i think youre crew is giving you some pinche verga grande en su culo. lol.. I dont know how other people do it but around here we divi up the profit on the job.. and theres usually plenty of it. you can always tell the homeowner that the insurance wont cover something and tell them they will need to cover the extra..

hope that helps... thats all i have in me to answer right now... ps, where is it ya'd say you were workin?
 

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BDiamond said:
Awesome. Little background... My buddy was moving out of state and gave me his contingency contracts and said they wouldn't work in his new state. I changed the logo and swapped our name and it collected dust. Then an epic baseball size hail storm came and completely wiped out my town. He called and told me get my butt out there and get those contingency agreements signed....oh....okay. By the end of the day we had 20. By the end of the week...50. Average claim is $20k. We are now averaging about 4-6 a day in referrals.
Question #1. What do you guys pay your sales guys on those? My sales guys typically get 10% of Par and split anything over. After looking at the Scope of Loss it seems my margins are going to be a lot less. Example they are paying way less per square of siding than I typically get. That 10% might sting a little.

I am my own sales guy since I am small, so can't help ya there. But what you're doing sounds good.

Question #2 - I've noticed on the Scope of Loss every single adjuster is different...even for the same agency. One accounts for drip edge, starter, and hip and ridge but nothing for waste. One guy accounts for waste and says the aforementioned is included in the waste calculation. My thinking is all of those items should be on there.....Who is right?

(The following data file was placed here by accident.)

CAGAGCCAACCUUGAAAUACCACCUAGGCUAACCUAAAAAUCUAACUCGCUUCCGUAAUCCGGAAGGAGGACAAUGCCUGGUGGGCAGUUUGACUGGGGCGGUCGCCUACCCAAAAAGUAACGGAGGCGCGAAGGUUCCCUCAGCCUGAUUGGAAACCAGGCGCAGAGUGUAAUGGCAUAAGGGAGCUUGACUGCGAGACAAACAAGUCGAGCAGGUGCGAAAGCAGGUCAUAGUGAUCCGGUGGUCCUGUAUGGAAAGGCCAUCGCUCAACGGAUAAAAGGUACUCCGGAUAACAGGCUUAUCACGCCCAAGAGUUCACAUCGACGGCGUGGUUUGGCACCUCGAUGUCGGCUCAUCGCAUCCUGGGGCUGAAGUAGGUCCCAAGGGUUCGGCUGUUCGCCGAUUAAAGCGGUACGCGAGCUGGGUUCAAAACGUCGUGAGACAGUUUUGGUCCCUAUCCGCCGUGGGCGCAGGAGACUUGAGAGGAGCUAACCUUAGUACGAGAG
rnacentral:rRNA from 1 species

Question #3 - one adjuster line itemed hollow-back siding with 1/4 backer. The homeowner has Crane Board. I emailed him and he said, "Stick it up and we'll pay you for it." How? And how are they going to account for the difference since it looks like they have some markup calculated in there? Do I submit an invoice and they will put there own mark - up on it? Do I just invoice my regular price?
Question #4 - Every Scope of Loss is missing something. Do I get an accurate one before proceeding? Someone mentioned just turning in a supplement. Is that before or after? How do i invoice? Where does it go?
Question #5 - Someone suggested I get Exactimate and do my own Scope of Loss so when the adjuster shows up I can just give him the report, makes his job easier cause he can walk around and confirm the line items and then he'll create his own. Should I make the invest in something I'll probably never use again? Would it be easier to talk pricing and line items with the adjuster?